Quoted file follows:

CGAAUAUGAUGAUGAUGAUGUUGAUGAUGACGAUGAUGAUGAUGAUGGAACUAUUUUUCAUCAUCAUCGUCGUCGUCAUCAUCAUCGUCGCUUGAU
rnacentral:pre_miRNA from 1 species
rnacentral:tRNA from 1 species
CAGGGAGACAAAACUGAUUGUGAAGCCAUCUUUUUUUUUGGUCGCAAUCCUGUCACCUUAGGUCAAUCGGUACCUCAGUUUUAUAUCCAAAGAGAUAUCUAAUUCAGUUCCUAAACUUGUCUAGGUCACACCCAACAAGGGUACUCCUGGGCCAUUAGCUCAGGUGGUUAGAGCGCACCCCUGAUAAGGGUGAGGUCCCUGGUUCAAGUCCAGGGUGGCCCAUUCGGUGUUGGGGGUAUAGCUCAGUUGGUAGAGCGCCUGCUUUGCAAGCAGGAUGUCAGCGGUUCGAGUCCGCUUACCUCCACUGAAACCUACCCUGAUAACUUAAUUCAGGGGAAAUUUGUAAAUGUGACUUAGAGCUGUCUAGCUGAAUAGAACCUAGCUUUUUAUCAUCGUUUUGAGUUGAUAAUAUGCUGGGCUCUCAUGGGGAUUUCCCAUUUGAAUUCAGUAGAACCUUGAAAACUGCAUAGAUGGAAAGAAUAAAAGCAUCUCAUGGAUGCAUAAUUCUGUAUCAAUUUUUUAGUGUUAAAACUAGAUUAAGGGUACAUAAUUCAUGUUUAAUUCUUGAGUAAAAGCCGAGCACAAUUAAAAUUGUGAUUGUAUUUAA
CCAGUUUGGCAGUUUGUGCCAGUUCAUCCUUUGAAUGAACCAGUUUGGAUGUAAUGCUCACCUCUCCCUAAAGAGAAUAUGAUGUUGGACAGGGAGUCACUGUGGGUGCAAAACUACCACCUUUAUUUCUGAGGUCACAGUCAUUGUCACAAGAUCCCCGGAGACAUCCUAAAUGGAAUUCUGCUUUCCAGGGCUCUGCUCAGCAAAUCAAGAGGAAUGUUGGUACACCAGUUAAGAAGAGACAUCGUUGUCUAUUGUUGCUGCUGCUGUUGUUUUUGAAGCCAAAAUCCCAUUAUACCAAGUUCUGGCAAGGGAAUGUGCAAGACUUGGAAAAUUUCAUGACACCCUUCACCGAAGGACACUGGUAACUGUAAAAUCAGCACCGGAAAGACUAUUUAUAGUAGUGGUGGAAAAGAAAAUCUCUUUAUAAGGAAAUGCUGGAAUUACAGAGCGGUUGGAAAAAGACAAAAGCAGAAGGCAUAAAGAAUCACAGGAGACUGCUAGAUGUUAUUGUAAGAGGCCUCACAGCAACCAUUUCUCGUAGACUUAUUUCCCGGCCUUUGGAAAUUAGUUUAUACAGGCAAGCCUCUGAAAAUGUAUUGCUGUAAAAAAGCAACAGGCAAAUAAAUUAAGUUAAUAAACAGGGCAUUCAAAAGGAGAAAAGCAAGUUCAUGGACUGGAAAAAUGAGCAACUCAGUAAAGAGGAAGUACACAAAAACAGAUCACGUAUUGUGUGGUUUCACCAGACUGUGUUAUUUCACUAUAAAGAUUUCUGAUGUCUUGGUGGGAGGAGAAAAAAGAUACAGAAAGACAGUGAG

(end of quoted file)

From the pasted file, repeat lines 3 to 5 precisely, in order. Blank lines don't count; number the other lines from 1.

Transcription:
rnacentral:tRNA from 1 species
CAGGGAGACAAAACUGAUUGUGAAGCCAUCUUUUUUUUUGGUCGCAAUCCUGUCACCUUAGGUCAAUCGGUACCUCAGUUUUAUAUCCAAAGAGAUAUCUAAUUCAGUUCCUAAACUUGUCUAGGUCACACCCAACAAGGGUACUCCUGGGCCAUUAGCUCAGGUGGUUAGAGCGCACCCCUGAUAAGGGUGAGGUCCCUGGUUCAAGUCCAGGGUGGCCCAUUCGGUGUUGGGGGUAUAGCUCAGUUGGUAGAGCGCCUGCUUUGCAAGCAGGAUGUCAGCGGUUCGAGUCCGCUUACCUCCACUGAAACCUACCCUGAUAACUUAAUUCAGGGGAAAUUUGUAAAUGUGACUUAGAGCUGUCUAGCUGAAUAGAACCUAGCUUUUUAUCAUCGUUUUGAGUUGAUAAUAUGCUGGGCUCUCAUGGGGAUUUCCCAUUUGAAUUCAGUAGAACCUUGAAAACUGCAUAGAUGGAAAGAAUAAAAGCAUCUCAUGGAUGCAUAAUUCUGUAUCAAUUUUUUAGUGUUAAAACUAGAUUAAGGGUACAUAAUUCAUGUUUAAUUCUUGAGUAAAAGCCGAGCACAAUUAAAAUUGUGAUUGUAUUUAA
CCAGUUUGGCAGUUUGUGCCAGUUCAUCCUUUGAAUGAACCAGUUUGGAUGUAAUGCUCACCUCUCCCUAAAGAGAAUAUGAUGUUGGACAGGGAGUCACUGUGGGUGCAAAACUACCACCUUUAUUUCUGAGGUCACAGUCAUUGUCACAAGAUCCCCGGAGACAUCCUAAAUGGAAUUCUGCUUUCCAGGGCUCUGCUCAGCAAAUCAAGAGGAAUGUUGGUACACCAGUUAAGAAGAGACAUCGUUGUCUAUUGUUGCUGCUGCUGUUGUUUUUGAAGCCAAAAUCCCAUUAUACCAAGUUCUGGCAAGGGAAUGUGCAAGACUUGGAAAAUUUCAUGACACCCUUCACCGAAGGACACUGGUAACUGUAAAAUCAGCACCGGAAAGACUAUUUAUAGUAGUGGUGGAAAAGAAAAUCUCUUUAUAAGGAAAUGCUGGAAUUACAGAGCGGUUGGAAAAAGACAAAAGCAGAAGGCAUAAAGAAUCACAGGAGACUGCUAGAUGUUAUUGUAAGAGGCCUCACAGCAACCAUUUCUCGUAGACUUAUUUCCCGGCCUUUGGAAAUUAGUUUAUACAGGCAAGCCUCUGAAAAUGUAUUGCUGUAAAAAAGCAACAGGCAAAUAAAUUAAGUUAAUAAACAGGGCAUUCAAAAGGAGAAAAGCAAGUUCAUGGACUGGAAAAAUGAGCAACUCAGUAAAGAGGAAGUACACAAAAACAGAUCACGUAUUGUGUGGUUUCACCAGACUGUGUUAUUUCACUAUAAAGAUUUCUGAUGUCUUGGUGGGAGGAGAAAAAAGAUACAGAAAGACAGUGAG